Even good people who do great things for the world can make the wrong choice and when we think they do, we can call them out while acknowledging the positives they’ve contributed to elsewhere.
To borrow from CBS Sports’ Adi Joseph, the only person that should be explaining Kyrie Irving is Kyrie Irving.
Earlier in the day, Nets management had to explain their decision-making process on why he won’t be with the team. From the press conference discussing these developments, Marks said:
“When you make a decision like this, it’s one you don’t want to do hastily. Again, involve all the parties, think about the variety of all different outcomes. I think we all know what our objective is this year and how a decision like this maybe affects that ultimate objective.
“So, they’re never easy decisions, but at the end of the day, I think we’re looking at putting a group of people out there that are going to be able to participate fully and that’s what this comes down to. We’re not looking for partners that are going to be half-time. I don’t think that would be fair not only on the team, and staff, and ownership, and fans. But, to be quite frank, not fair on Kyrie, either.”
Naturally, this situation has led to discussions and missives about player empowerment and its limits. The thinking goes that players have gotten too much power, they’re being irresponsible with it, and have started to abuse that power and run roughshod over the organizations they work for. However, I think that framing doesn’t really apply here.
Marks’ use of the word “partner” harkened back to Sullivan’s book, Can’t Knock the Hustle, and team Governor Joe Tsai saying of players: “They’re literally megastars – very, very powerful – so you can’t treat your players as employees anymore. They’re your partners in the business.”
Within that partnership comes the belief that the Nets ran this decision by two of the other members of the Big Three, Kevin Durant and James Harden. Marks made sure to shield the players from having to answer for this and put the responsibility at the front doors of Tsai and himself. It’s a subtle, but important thing. When you have to make an unpopular, controversial, and divisive decision, you as management have to step in and answer for it and have all the questions solely pointed in your direction. You get out there, address it, and keep the guys that do the heavy lifting on the court from having to figure out what to say, how they should discuss it, etc. Even within a partnership, certain decisions have to come from the very top as to not place such a burden on guys who have other important things to focus on.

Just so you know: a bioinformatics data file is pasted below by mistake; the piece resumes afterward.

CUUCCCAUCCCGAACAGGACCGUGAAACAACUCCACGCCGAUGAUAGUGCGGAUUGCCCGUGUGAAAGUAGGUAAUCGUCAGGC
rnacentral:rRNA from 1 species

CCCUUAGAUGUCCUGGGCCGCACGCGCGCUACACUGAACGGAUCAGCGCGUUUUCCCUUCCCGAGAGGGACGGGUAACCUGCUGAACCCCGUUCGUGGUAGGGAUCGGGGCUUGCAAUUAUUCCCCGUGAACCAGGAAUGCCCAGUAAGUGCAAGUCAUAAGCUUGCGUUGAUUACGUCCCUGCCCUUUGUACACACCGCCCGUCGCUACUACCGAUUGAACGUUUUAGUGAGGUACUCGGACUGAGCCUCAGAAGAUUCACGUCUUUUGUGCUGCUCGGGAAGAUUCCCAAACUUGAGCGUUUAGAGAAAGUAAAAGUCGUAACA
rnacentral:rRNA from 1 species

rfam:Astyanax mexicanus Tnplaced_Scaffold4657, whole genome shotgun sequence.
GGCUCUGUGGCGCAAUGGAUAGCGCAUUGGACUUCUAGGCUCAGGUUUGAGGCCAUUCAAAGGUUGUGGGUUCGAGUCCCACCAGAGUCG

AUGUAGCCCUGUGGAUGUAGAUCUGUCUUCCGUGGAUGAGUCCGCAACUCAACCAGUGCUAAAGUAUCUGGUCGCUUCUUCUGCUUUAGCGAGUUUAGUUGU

Along with all that, if a member of the partnership like Irving is messing up and needs to get himself back up to standard, you can acknowledge his feelings on an issue while doing what you have to do in removing him from the situation without belittling him, calling him names, and hurling invective his way. Dumping on someone at their low point would get you applause and pats on the back in some circles, but have the unintended consequence of severing a relationship you’ve spent three years cultivating in others. It’s a bad spot to be in, but the players, coaching staff, and upper management handled it as best as could be expected given the circumstances.
As the Brooklyn Nets move into an eventful season, they’ll probably be doing it without one of their best, most important players. While the Kyrie Irving situation remains in flux, the Nets are moving on, at least for the time being. In the event circumstances change, he’ll be back and resuming his place in the organization as if he never left. Until then, the other partners in this thing of theirs will have to do without their friend and colleague. A difficult decision, but ultimately the right one.